W3C home > Mailing lists > Public > www-validator-cvs@w3.org > December 2008

[Bug 6259] Different result when valdating by direct input or by url

From: <bugzilla@wiggum.w3.org>
Date: Tue, 02 Dec 2008 16:22:53 +0000
To: www-validator-cvs@w3.org
Message-Id: <E1L7Y1V-0006AN-0a@farnsworth.w3.org>


Olivier Thereaux <ot@w3.org> changed:

           What    |Removed                     |Added
         Resolution|                            |INVALID
             Status|NEW                         |RESOLVED
                 CC|                            |ot@w3.org

--- Comment #1 from Olivier Thereaux <ot@w3.org>  2008-12-02 16:22:52 ---
(In reply to comment #0)
> So, character encoding is not checked when using validating by direct HTML
> input. Imho the character encoding should also be checked when validating by
> direct HTML input.

When you validate by URI, the validator retrieves the resource via HTTP. What
it retrieves are bytes, which must be decoded into characters - hence the
importance of knowing the character encoding, either  thanks to the “charset=”
parameter in the HTTP headers sent by the server, or with the <meta>
information in HTML, or other possibles sources.

Likewise, with file upload, with some minor differences (there is no web
server, but the web browser pretty much plays that role).

When using direct input however, what you give to the validator is not a series
of bytes: you copy and paste characters into a form on the validator's home
page. That validator page is encoded in utf-8, which means that, automatically,
the form submitted to the validator will be in utf-8. And that, regardless of
what your original content was encoded in, regardless of whatver meta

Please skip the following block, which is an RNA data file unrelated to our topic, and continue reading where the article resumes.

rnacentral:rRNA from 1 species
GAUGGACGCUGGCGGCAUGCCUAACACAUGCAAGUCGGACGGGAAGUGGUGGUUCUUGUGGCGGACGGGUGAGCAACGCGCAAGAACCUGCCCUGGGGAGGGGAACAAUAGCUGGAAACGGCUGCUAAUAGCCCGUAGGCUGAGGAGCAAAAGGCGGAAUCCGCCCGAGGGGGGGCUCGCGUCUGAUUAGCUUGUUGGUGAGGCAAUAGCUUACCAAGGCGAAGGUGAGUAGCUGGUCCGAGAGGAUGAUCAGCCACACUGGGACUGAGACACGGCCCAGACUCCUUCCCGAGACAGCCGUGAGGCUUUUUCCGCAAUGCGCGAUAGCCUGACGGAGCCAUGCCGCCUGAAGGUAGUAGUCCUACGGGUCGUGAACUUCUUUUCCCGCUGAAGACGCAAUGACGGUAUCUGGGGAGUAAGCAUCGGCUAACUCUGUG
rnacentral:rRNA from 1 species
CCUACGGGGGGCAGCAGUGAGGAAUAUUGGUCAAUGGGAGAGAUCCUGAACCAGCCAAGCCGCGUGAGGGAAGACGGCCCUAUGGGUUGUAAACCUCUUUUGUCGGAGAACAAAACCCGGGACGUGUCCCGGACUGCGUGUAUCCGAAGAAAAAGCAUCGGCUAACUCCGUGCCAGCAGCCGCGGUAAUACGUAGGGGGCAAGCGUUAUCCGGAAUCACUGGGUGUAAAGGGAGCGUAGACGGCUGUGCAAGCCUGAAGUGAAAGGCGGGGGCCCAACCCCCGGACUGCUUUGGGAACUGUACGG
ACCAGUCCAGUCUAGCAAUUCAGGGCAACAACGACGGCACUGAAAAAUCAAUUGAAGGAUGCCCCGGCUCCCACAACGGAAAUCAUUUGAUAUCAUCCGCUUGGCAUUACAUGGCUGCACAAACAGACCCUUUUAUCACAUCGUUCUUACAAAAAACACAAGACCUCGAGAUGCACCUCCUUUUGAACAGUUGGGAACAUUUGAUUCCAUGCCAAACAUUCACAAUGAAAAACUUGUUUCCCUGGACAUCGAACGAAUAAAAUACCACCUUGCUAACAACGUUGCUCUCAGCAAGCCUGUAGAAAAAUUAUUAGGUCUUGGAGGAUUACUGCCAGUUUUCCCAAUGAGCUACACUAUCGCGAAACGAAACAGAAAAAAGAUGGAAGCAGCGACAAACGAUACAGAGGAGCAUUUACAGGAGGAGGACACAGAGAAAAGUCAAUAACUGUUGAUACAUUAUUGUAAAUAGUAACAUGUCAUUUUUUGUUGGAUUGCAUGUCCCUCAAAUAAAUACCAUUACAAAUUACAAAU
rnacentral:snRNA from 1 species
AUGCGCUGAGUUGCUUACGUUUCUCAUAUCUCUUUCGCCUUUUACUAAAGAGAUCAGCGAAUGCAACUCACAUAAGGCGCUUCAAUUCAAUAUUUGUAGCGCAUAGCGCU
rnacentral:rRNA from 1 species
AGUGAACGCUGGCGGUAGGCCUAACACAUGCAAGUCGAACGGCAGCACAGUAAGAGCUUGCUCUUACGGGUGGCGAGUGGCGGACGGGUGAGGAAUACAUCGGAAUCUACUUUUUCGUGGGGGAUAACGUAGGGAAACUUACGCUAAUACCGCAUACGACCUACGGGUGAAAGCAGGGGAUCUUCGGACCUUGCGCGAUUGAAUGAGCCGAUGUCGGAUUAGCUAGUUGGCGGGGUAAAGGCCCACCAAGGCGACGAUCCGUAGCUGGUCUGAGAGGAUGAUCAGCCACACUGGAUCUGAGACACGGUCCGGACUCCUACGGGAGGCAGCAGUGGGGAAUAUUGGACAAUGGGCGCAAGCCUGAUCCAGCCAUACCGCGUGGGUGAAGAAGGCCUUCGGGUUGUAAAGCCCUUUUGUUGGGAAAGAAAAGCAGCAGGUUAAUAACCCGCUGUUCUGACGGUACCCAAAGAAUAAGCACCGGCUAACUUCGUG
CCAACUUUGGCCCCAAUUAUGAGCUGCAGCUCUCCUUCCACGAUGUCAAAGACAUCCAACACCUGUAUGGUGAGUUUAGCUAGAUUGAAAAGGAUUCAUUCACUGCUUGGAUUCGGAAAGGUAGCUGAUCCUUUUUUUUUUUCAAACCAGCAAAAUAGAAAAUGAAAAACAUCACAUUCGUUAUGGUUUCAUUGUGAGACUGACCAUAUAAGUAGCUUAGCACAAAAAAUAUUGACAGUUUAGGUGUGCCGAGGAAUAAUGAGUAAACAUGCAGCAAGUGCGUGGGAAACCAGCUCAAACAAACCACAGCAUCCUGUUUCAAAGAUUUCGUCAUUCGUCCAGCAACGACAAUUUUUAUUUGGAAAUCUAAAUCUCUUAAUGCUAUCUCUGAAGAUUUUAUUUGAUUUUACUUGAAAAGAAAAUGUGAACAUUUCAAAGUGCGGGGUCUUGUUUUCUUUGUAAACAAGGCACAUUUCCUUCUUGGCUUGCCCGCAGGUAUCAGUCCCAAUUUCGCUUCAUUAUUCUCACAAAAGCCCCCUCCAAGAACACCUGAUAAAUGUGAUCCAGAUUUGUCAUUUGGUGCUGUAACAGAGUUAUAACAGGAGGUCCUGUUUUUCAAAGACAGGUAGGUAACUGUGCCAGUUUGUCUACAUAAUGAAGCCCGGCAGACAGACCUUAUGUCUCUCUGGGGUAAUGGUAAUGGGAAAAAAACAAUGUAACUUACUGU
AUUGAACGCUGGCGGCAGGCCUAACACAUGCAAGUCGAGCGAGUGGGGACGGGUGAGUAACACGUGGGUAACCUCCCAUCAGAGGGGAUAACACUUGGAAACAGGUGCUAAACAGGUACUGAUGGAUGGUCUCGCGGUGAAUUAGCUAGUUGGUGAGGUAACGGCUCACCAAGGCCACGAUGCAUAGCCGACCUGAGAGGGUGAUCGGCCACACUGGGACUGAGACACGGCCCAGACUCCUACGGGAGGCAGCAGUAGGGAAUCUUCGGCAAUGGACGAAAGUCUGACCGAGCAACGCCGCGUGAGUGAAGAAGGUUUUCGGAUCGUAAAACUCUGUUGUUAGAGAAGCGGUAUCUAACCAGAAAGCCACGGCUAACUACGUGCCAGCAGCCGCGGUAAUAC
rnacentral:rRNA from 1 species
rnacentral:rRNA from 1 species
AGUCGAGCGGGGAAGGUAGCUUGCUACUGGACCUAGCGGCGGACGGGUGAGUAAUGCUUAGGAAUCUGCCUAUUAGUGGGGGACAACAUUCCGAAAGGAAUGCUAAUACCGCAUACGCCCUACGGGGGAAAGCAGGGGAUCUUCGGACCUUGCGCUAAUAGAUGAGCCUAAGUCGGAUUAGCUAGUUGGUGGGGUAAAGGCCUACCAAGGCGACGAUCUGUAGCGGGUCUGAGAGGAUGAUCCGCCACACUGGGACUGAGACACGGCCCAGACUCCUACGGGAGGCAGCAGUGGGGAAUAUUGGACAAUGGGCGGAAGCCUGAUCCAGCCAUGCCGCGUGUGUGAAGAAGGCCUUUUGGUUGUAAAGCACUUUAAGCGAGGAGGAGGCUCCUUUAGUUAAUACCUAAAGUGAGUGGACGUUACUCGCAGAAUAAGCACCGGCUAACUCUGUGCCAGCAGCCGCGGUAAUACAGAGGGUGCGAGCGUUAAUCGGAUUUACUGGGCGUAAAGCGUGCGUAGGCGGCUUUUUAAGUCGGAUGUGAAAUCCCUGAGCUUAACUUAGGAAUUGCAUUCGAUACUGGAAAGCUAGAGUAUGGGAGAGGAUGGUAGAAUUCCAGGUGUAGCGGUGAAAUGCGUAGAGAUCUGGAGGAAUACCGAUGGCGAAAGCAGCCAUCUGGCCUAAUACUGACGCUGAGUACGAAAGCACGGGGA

information is present. 

Does the validator need to check encoding in "direct input" mode? No, per the
above. Should it do it? There answer here too is "no".

Imagine that your document is encoded in ISO-9959-1 (a.k.a latin-1). It is
properly served as latin-1 on your web server, there is a <meta> tag with that
information too. All is well. Now, imagine that you take that page source,
copy-paste it into the "direct input" form of the validator: then, as explained
above, the markup automatically becomes characters in utf-8. Should the
validator complain that it is receiving utf-8 content when the source says
"iso-8859-1"? Of course not, that would be wrong and confusing.

In other words, direct input and by UIR validation are a very different
paradigm, and the difference shows most clearly in handling encodings. It *is*
confusing, and if you can think of any way to make it less confusing, ideas are

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Received on Tuesday, 2 December 2008 16:23:01 UTC

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